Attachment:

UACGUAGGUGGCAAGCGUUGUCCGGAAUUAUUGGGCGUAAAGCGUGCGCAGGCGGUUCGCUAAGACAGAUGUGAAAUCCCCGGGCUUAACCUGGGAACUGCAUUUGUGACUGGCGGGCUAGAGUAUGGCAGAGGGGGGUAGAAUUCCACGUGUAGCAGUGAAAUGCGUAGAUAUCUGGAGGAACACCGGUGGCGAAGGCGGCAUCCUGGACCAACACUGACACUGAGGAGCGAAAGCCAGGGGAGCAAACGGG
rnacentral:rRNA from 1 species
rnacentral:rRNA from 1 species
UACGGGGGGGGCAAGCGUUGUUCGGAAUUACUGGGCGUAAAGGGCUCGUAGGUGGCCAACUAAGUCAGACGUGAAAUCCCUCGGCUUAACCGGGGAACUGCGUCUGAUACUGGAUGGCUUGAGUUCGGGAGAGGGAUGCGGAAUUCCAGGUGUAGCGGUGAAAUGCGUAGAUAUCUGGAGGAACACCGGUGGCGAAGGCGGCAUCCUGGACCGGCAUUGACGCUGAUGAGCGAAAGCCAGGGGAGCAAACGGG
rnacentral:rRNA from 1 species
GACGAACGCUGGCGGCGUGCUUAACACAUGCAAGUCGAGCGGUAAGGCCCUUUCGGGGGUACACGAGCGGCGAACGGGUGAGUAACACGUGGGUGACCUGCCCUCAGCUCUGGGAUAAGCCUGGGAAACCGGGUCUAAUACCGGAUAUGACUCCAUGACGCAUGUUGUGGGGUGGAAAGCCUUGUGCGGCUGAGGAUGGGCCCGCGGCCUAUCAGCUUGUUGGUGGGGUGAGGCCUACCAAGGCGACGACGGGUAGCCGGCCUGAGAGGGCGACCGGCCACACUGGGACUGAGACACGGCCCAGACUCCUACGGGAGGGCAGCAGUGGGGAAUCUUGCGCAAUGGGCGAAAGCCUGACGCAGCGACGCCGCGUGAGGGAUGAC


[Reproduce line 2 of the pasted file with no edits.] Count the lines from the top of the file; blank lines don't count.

rnacentral:rRNA from 1 species